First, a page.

Offering a parenting program only to high-risk groups may impact on that relatively small section of the community. But population trials in the United States and Australia have shown that using Triple P's public-health approach to parenting support can have significant impact at a community-wide level including:
- Reduced rates of hospital and ER admissions from child abuse injuries (1)
- Slowed rate of substantiated child maltreatment cases (1)
- Reduction in significant mental health problems in children (2)
- Decrease in parents' levels of depression, stress and other emotional distress (2)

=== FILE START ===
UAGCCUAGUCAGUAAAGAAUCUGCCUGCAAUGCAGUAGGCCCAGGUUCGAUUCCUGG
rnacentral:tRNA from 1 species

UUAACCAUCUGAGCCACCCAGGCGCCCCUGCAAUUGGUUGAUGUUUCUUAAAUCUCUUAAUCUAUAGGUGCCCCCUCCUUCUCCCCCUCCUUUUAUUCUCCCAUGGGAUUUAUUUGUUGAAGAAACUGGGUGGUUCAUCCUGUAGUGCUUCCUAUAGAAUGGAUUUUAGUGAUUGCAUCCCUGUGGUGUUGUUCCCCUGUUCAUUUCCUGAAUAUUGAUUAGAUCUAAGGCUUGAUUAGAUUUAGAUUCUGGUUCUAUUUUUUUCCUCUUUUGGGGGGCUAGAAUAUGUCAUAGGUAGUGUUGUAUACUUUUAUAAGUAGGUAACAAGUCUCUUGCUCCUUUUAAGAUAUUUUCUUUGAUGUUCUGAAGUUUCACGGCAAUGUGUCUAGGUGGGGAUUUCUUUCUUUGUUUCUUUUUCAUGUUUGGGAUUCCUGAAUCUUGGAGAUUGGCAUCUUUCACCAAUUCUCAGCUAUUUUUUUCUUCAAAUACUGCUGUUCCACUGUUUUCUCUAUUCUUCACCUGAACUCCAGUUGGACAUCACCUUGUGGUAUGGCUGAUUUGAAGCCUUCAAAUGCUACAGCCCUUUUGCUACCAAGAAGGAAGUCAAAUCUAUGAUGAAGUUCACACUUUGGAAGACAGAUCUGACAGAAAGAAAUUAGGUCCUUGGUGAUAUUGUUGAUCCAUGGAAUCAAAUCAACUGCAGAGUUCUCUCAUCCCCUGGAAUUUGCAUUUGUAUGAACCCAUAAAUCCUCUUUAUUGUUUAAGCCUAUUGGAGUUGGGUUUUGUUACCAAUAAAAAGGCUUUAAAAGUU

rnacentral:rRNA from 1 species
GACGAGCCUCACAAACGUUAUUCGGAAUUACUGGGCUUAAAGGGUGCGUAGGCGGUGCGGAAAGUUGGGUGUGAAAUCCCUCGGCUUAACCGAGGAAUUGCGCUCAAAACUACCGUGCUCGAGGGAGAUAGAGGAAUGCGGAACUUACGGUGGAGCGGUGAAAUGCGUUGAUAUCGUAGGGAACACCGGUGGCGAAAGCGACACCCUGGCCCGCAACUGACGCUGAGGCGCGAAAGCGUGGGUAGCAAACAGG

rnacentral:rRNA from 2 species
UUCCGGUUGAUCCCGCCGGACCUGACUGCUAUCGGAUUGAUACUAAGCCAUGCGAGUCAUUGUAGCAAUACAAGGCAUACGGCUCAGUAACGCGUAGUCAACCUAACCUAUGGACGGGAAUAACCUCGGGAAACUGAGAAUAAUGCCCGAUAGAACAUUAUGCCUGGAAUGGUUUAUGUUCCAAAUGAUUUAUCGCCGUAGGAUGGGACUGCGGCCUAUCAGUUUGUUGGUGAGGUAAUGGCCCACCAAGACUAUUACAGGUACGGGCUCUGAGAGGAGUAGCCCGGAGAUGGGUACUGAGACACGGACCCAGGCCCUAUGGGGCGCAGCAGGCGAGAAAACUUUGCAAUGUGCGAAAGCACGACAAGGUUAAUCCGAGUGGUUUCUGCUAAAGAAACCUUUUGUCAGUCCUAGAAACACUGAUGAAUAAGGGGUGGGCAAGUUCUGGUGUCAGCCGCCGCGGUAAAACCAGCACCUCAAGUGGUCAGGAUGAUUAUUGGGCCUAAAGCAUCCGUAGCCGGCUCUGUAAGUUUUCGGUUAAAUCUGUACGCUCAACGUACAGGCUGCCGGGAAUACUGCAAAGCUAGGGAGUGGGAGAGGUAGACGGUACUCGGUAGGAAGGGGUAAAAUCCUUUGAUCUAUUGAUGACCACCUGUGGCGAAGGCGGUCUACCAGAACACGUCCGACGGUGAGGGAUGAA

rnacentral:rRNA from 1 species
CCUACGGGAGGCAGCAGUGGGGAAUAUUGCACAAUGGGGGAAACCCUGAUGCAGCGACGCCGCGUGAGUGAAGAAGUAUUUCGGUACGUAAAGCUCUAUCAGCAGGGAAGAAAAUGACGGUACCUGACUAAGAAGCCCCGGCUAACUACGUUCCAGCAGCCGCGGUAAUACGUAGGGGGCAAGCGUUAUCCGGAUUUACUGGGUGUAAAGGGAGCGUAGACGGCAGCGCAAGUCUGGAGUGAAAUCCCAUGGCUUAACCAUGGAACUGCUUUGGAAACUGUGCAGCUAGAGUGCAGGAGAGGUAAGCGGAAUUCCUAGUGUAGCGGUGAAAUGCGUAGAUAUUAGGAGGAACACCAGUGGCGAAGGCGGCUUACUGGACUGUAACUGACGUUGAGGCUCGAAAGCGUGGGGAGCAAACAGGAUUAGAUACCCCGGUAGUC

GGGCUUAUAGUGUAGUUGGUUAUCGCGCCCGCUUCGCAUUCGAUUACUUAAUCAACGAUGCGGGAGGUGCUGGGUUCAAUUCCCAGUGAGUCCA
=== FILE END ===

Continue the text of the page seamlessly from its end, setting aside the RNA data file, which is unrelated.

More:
- Reduction in the risk of children developing later problems such as depression, by decreasing family risk factors (2)
- Fewer foster care and out-of-home placements for children (1)
(1) Prinz, R.J., Sanders, M.R., Shapiro, C.J., Whitaker, D.J., & Lutzker, J.R. (2009). Population-based prevention of child maltreatment: The U.S. Triple P system population trial. Prevention Science, 10(1), 1-12.
(2) Sanders, M.R., Ralph, A., Sofronoff, K., Gardiner, P., Thompson, R., Dwyer, S., & Bidwell, K. (2008). Every Family: A population approach to reducing behavioral and emotional problems in children making the transition to school. Journal of Primary Prevention, 29, 197-222.